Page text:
I didn't get the day off today - I like to think that I celebrated Dr. King's birthday in a way the man himself would have approved: working at my job, on a project to benefit the public.
But it's worth a moment to reflect on the man and his meaning. Here's some selections from Dr. King's speech "On the Domestic Impact of War", given in November, 1967."Now what are some of the domestic consequences of the war in Vietnam? It has made the Great Society a myth and replaced it with a troubled and confused society. The war has strengthened domestic reaction. It has given the extreme right, the anti-labor, anti-Negro, and anti-humanistic forces a weapon of spurious patriotism to galvanize its supporters into reaching for power, right up to the White House. It hopes to use national frustration to take control and restore the America of social insecurity and power for the privileged. When a Hollywood performer, lacking distinction even as an actor can become a leading war hawk candidate for the Presidency, only the irrationalities induced by a war psychosis can explain such a melancholy turn of events."
Sound familiar? Here's some more:
"Second, the government will resist committing adequate resources for domestic reform because these are reserves indispensable for a military adventure. The logical war requires of a nation deploy its well fought and immediate combat and simultaneously that it maintain substantial reserves. It will resist any diminishing of its military power through the draining off of resources for the social good. This is the inescapable contradiction between war and social progress at home. Military adventures must stultify domestic progress to ensure the certainty of military success. This is the reason the poor, and particularly Negroes, have a double stake in peace and international harmony. This is not to say it is useless to fight for domestic reform, on the contrary, as people discover in the struggle what is impeding their progress they comprehend the full and real cost of the war to them in their daily lives.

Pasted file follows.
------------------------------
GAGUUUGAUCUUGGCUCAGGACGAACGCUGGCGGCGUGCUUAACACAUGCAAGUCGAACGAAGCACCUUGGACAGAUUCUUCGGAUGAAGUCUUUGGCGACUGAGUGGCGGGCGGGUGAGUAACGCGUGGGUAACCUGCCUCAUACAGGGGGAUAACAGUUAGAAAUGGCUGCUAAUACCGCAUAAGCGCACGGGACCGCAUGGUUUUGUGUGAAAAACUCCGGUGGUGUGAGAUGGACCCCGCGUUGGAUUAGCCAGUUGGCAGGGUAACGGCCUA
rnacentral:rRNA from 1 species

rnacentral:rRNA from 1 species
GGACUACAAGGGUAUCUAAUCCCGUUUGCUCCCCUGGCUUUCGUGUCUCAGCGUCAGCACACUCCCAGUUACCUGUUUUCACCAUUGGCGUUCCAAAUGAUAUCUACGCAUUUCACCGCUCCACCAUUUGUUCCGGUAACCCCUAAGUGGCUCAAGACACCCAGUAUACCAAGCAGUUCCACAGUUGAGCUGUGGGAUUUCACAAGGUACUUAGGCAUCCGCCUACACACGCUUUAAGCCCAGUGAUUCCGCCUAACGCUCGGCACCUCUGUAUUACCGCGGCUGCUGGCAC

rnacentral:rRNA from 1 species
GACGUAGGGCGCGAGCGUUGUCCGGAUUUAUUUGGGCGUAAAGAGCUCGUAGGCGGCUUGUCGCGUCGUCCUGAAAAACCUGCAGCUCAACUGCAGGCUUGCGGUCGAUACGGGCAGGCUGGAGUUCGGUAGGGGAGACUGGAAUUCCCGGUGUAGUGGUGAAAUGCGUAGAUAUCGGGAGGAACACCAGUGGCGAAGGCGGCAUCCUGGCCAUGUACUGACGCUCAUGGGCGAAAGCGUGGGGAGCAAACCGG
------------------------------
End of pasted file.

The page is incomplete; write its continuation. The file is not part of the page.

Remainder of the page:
And finally the whole nation is living in a triple ring of isolation and alienation. The government is isolated from the majority of the people who want either withdrawal, de-escalation, or honest negotiation. Not what they now given, steady intensification of the conflict. In addition to the isolation of the government from its people there is our national isolation in the world. We are without a single significant international ally. Every major nation has avoided active involvement on our side. We are more alone than we have been since the founding of the Republic. Lastly, and more ironically, we are isolated from the very people whom we profess to support, the South Vietnamese.
The war that began with a few thousand Americans as advisors has become almost totally an American war without the consent of the American people. This is an historic isolation that can not be rationalized by self righteousness or the revival of unproved dangers of imminent aggression from China. China's incredible internal turmoil suggests it presently threatens only itself. The war domestically has stimulated a profound discussion of the nature of our government. Reported members of Congress and distinguished political scientists are questioning the trend towards excessive executive power."
We forget, because of his status as a martyr, that Martin Luther King, Jr., was a leader and a politician, often a brilliant political leader. He saw then what none of our "leaders", including most of the candidates running for President this year, are willing to admit: that regardless of the potential costs of "defeat" in our Middle Eastern wars, the cost of "victory" will likely be higher. Too high, perhaps, for our Republic to bear. And remain a Republic.
And then there's the financial axe poised to fall tomorrow...
We certainly live in uneasy times.